There are only two categories of people on the earth. Those who are dead and those who are going to die, in fact are dying day by day. The former are those from whom life forces, pranas, have left. The rest are those from whom pranas have not yet left, but are about to leave.
Suppose you grieve over those bereft of pranas, should you not equally grieve over the living too, in whom the pranas are getting ready to leave? The difference is merely in time, either now or moments or days later. Pranic departure is certain for all. In fact, the only outcome certain for everyone is his death!
In one set of persons, death has already taken place; in the others, it is going to transpire. If you cry over the first group, by the same token you have to cry over the second group as well. “Ah, here pranas have gone, here pranas are about to go.”
The people who have died on this earth are around 100 billion. Those living are about 7 billion. If all the hundred odd billion were to be living even now, would there be any place for even ants to crawl on the earth? Where will you have food for all? What about water and even air? So, Arjuna what is wrong with death? Is not death the terminus of life, the desirable goal!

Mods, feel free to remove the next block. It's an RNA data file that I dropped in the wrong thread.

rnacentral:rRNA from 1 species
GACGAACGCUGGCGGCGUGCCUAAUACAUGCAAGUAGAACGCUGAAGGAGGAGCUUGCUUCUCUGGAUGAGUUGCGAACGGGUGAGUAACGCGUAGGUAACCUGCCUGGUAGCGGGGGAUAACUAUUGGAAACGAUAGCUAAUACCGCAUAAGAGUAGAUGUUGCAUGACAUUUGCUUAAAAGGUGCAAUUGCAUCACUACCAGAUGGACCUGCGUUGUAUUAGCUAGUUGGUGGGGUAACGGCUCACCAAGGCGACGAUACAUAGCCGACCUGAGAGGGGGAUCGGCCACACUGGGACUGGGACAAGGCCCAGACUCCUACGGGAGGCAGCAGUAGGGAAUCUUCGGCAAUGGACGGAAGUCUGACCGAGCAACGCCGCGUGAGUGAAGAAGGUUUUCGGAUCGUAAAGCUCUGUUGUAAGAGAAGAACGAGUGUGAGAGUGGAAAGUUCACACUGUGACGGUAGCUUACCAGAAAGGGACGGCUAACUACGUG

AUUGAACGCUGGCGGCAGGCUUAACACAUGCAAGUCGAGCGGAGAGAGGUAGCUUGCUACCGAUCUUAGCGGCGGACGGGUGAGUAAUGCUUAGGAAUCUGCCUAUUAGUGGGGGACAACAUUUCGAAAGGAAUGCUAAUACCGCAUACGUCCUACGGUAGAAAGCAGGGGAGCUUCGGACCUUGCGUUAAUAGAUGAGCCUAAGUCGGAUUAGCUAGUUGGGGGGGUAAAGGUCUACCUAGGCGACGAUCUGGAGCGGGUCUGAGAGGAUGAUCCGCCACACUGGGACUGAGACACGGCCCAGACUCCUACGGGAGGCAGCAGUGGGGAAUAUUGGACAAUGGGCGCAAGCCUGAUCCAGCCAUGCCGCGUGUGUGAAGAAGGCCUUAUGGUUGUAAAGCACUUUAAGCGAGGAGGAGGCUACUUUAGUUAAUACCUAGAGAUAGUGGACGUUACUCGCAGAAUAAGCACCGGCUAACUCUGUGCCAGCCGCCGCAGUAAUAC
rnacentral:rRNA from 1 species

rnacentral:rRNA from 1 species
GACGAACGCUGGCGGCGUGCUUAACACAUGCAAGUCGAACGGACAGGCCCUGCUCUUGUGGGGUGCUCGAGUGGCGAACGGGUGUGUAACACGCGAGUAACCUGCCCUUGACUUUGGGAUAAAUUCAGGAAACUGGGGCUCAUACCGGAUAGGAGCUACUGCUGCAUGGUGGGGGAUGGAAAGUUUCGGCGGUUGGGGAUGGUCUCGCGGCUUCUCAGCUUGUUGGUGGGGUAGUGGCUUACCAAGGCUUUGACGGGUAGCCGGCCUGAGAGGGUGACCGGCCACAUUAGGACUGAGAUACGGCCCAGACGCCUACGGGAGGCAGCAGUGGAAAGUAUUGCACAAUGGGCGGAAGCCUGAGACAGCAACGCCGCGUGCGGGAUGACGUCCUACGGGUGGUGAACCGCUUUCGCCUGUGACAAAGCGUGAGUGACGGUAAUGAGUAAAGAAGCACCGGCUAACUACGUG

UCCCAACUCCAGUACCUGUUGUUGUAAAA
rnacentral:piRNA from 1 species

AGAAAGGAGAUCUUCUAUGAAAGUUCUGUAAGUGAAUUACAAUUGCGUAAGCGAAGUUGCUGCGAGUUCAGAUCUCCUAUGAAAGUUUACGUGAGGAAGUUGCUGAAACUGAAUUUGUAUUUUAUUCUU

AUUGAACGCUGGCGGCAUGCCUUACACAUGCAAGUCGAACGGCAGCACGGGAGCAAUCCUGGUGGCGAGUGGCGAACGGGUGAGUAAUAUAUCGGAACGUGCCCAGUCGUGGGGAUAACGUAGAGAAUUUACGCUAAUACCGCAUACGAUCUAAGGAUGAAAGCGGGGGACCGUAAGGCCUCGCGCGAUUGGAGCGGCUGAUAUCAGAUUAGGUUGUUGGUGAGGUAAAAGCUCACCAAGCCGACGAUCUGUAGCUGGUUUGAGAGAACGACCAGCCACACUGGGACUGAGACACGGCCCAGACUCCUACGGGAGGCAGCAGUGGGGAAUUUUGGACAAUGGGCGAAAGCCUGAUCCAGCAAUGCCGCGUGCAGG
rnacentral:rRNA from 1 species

In fact, every moment after birth is a movement towards death, also a distancing from birth. Every day the born is nearing death and getting away from birth. Our birthday is a fallacy. It is either a birth distancing or death approaching day! Who can deny this fact?
Be thoughtful, enhance your knowledge
“Arjuna, be thoughtful, employ your intelligence and reason out matters. Human life is not to eat and bloat. It is to gain true knowledge of life and rejoice in its lasting bounties, not on fleeting thrills! The whole human civilization thrives on knowledge and its bounteous gifts and glories!